Concept Development can be a tricky dimension to wrap your head around, but when you really consider the meaning, the fog starts to lift!
Before I get to the indicators of Integration and Connections to the Real World, let’s take a look at this dimension as a whole. Remember that an indicator describes a behavior that shows us the presence or absence of interactions that, when seen together, give us a picture of the overall quality of interactions. Indicators tell us what kinds to interactions to look for during the course of an observation and we use them to gather evidence. So to get started, let’s take a deeper look at the dimension and its definition.
In Concept Development, we look at how a teacher participates with a child, through discussion or activities in ways that build understanding of how things fit together, how they relate to other knowledge and apply to a child’s world by leading the child through the steps of inquiry. When done well, teachers help children make connections to big ideas and help them start to make sense of information.
We start by thinking of a concept as a notion or conceived idea and development as something advanced over time, or in this case process. Helping children examine information methodically so they are able to discover essential elements, consider, figure out, inspect and internalize their experience is a critical skill and the essence of Concept Development.
A teacher who is focused on Concept Development will encourage the kids to ponder, share ideas, and try out new ideas that lead to a greater understanding of how information fits together. We look for teacher encouragement that results in a child investigating something new: It’s all about how the teacher uses discussion to really stretch the child’s brain, to ask the questions that help the child and teacher explore the world together.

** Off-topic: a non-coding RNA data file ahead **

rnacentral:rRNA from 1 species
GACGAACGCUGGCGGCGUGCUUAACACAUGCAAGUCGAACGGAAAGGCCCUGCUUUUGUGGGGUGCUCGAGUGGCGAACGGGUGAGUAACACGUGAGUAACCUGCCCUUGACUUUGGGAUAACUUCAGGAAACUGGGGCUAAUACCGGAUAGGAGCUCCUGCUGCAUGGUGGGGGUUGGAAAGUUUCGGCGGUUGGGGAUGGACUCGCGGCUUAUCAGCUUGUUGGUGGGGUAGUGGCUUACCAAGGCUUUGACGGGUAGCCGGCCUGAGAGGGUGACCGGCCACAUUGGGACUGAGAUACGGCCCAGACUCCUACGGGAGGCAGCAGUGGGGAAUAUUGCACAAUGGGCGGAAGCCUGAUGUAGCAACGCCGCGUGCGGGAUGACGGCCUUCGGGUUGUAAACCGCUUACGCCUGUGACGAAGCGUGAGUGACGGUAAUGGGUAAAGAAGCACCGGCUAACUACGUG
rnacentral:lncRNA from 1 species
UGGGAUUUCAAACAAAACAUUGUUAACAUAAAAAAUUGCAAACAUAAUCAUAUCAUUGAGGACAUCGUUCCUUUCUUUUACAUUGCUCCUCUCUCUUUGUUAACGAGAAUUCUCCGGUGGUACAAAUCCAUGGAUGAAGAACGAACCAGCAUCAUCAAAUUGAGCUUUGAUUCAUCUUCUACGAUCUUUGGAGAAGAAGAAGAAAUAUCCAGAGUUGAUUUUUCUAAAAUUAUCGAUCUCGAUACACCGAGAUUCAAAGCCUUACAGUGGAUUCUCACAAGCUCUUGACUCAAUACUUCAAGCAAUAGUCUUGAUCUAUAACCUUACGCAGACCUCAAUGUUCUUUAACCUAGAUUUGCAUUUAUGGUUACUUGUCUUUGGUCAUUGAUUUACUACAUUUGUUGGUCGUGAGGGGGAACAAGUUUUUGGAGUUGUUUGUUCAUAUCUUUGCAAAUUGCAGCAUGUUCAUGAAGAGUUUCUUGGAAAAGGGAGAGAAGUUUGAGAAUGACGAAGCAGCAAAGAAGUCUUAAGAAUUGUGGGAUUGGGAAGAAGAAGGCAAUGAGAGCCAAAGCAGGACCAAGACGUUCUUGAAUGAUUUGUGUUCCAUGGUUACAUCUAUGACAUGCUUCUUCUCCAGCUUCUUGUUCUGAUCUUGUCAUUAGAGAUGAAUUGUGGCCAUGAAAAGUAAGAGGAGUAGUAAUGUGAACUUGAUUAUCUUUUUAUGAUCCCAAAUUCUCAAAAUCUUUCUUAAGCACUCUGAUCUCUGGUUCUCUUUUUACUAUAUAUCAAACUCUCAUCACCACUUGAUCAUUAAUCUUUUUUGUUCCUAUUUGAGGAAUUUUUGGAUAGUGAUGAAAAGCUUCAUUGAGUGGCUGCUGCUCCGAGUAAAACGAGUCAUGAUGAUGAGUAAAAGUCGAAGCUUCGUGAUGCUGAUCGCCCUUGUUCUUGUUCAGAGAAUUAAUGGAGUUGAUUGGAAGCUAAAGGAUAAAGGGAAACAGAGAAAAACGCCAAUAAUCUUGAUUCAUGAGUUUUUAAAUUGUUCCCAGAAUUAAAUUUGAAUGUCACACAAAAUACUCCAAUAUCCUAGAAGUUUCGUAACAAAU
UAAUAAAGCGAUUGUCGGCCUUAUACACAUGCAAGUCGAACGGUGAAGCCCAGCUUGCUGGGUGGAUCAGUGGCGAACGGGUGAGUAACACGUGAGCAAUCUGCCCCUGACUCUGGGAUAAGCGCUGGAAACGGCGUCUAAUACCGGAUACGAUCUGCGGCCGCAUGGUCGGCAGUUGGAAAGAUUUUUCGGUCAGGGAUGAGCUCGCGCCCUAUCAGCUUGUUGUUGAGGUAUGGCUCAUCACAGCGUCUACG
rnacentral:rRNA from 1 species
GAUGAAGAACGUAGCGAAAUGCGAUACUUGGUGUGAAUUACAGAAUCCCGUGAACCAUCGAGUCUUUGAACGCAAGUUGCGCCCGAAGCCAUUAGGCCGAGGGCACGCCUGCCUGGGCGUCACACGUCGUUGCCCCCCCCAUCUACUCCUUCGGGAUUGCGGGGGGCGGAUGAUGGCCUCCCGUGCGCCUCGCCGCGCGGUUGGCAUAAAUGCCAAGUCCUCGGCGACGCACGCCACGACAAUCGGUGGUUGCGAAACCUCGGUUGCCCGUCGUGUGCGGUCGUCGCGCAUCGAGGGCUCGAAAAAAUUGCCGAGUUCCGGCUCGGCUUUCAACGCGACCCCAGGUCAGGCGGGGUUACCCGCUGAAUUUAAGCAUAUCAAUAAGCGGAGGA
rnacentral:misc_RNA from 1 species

With effective facilitation, children can figure out how things fit together, anticipate what might happen (Analysis & Reasoning) or understand how things relate by thinking of ways to try things out (Creating). As adults, we need to find ways to integrate this knowledge and connect it to real world experiences so that this experience build the child’s ability to take in information and make it fit into the way the world works.
So what is Integration? Simply put, it’s how information is consolidated or combined –the new information, coupled with previous knowledge, builds cognition. It’s the mental action or process of acquiring knowledge and understanding through thought, experience, and the senses.
Connections to the Real World is about how the child, with support from an adult, links, associates, or relates this information to something they understand already. The information becomes meaningful and usable and this connection to the abstract becomes the essence of Concept Development.
Remember that children learn when they are actively involved, experiencing and exploring, making connections and seeing the world with new eyes. Teachers who join the journey can promote those higher order-thinking skills.
Shared physical presence is a large part of how we’re used to connecting with each other. Strong connections and relationships are important for children who may have recently experienced loss, high stress, or trauma. As teachers connect with children in a virtual setting, it can be more challenging to think about how to create a safe space for learning, sharing experiences, and taking risks.
There’s no sugar coating it - the 2020-21 school year was tough. Teachers, schools, and child care workers shouldered a massive burden, taking work that was already challenging and turning the difficulty up to 11. Well, maybe 12 or 13. Or 15. Who’s counting?
So, as you, educators, prepare for the upcoming school year, Teachstone wanted to recognize all the creativity, flexibility, and impact that teachers have demonstrated. We brought together Teachstone’s Kristin Valdes, Senior Instructional Designer, and Colleen Schmit, CDA Facilitator, in a recent webinar to celebrate the great and important work of teachers and to explore how the smallest moments make big impacts.
Here’s what our hosts shared with and heard from participants.
Knowing that approximately 25% of children under 5 come from homes where Spanish is the predominant language spoken, we were pleased that Lisa White, a researcher at American Institutes for Research, was willing to speak with us about her study that compared the CLASS with the CASEBA, a tool designed to assess quality in classrooms serving dual language learners. To learn more, read on!